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Confidence soars and job prospects on site improve, but long-term stability is still needed, warns RICS Output hits six-year high

CONSTRUCTION output rose to its highest level for six years in the first three months of the year.

And job prospects for site workers are also better, according to separate surveys out this week.

But the signs in the longer term are that the industry's workloads may be levelling out.

The latest survey from the Royal Institution of Chartered Surveyors reports that rising workloads in the housing and commercial sectors and continued strength in the South-East have helped increase confidence for the next three months.

Trevor Mole, RICS construction spokesman, said: 'Rising workload and profitability, particularly in the South-East and isolated areas elsewhere, are driving up employment demand.

'People in the less-thriving North are being attracted south to work in areas which are finding it difficult to recruit.'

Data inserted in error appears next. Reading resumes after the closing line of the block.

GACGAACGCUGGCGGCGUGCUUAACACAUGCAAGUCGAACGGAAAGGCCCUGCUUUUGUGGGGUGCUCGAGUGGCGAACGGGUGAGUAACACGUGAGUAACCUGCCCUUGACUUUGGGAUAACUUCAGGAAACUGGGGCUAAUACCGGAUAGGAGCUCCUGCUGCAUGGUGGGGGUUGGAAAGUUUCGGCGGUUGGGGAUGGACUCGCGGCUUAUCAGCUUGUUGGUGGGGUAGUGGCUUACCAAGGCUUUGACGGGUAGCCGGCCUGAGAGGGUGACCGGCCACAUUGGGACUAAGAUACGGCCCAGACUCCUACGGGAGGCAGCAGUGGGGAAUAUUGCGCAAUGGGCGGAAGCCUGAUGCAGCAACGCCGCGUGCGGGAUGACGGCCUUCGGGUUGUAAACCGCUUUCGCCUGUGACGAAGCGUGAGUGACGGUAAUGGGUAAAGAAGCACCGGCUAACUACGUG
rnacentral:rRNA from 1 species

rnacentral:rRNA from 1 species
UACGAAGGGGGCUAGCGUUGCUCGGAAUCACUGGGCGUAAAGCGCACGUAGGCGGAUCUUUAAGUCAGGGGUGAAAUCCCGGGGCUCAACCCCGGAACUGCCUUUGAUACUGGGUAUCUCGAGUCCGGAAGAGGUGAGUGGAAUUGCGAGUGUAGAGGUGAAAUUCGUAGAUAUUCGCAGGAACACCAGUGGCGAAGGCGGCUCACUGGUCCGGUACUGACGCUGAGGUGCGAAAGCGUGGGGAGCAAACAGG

He added: 'The survey results are generally encouraging, but long-term security and optimism is still very much needed.'

While strong performance in the South-East has kept workload high, the Scottish market has also rebounded strongly after six months of weakness.

Activity has also picked up in Wales, especially in the industrial and commercial sectors.

Contractors are expecting profit margins to rise at a faster pace than envisaged in the last three months of 1999.

Confidence in rising margins is strongest in the South-East and Wales and weakest in the North and Midlands.

Figures from employment service Manpower paint an encouraging picture for private building. They reveal that nearly one-third of private builders are planning to take on more workers in the next three months. Only 5 per cent of them are planning to reduce the number of workers.